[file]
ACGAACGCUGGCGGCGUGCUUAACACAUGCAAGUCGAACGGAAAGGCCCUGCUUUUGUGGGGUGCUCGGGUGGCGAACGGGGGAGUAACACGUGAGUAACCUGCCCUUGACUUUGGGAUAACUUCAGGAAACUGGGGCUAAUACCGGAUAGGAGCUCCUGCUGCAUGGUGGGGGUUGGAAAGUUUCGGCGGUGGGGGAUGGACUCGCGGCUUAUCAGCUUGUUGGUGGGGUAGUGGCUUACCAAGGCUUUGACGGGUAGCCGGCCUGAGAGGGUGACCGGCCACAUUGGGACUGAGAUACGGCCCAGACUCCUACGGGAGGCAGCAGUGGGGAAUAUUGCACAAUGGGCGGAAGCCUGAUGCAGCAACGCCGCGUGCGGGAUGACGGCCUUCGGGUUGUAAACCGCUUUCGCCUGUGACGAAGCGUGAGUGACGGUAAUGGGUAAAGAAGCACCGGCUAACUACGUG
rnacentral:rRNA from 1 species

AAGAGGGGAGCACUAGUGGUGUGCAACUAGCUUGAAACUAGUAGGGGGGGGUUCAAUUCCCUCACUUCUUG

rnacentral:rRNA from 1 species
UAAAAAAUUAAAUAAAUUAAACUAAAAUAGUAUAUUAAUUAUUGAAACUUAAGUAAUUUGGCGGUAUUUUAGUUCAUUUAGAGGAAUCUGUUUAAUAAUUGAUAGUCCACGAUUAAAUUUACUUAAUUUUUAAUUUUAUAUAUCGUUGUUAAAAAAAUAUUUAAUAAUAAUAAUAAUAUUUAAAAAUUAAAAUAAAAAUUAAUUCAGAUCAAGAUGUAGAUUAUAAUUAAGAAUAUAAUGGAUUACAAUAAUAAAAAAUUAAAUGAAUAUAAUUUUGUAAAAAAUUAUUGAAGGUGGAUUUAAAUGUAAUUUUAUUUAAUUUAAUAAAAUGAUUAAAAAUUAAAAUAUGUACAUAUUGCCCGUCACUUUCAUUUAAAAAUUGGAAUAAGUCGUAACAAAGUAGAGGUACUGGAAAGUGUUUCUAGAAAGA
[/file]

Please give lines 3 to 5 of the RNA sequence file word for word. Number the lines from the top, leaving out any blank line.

AAGAGGGGAGCACUAGUGGUGUGCAACUAGCUUGAAACUAGUAGGGGGGGGUUCAAUUCCCUCACUUCUUG

rnacentral:rRNA from 1 species
UAAAAAAUUAAAUAAAUUAAACUAAAAUAGUAUAUUAAUUAUUGAAACUUAAGUAAUUUGGCGGUAUUUUAGUUCAUUUAGAGGAAUCUGUUUAAUAAUUGAUAGUCCACGAUUAAAUUUACUUAAUUUUUAAUUUUAUAUAUCGUUGUUAAAAAAAUAUUUAAUAAUAAUAAUAAUAUUUAAAAAUUAAAAUAAAAAUUAAUUCAGAUCAAGAUGUAGAUUAUAAUUAAGAAUAUAAUGGAUUACAAUAAUAAAAAAUUAAAUGAAUAUAAUUUUGUAAAAAAUUAUUGAAGGUGGAUUUAAAUGUAAUUUUAUUUAAUUUAAUAAAAUGAUUAAAAAUUAAAAUAUGUACAUAUUGCCCGUCACUUUCAUUUAAAAAUUGGAAUAAGUCGUAACAAAGUAGAGGUACUGGAAAGUGUUUCUAGAAAGA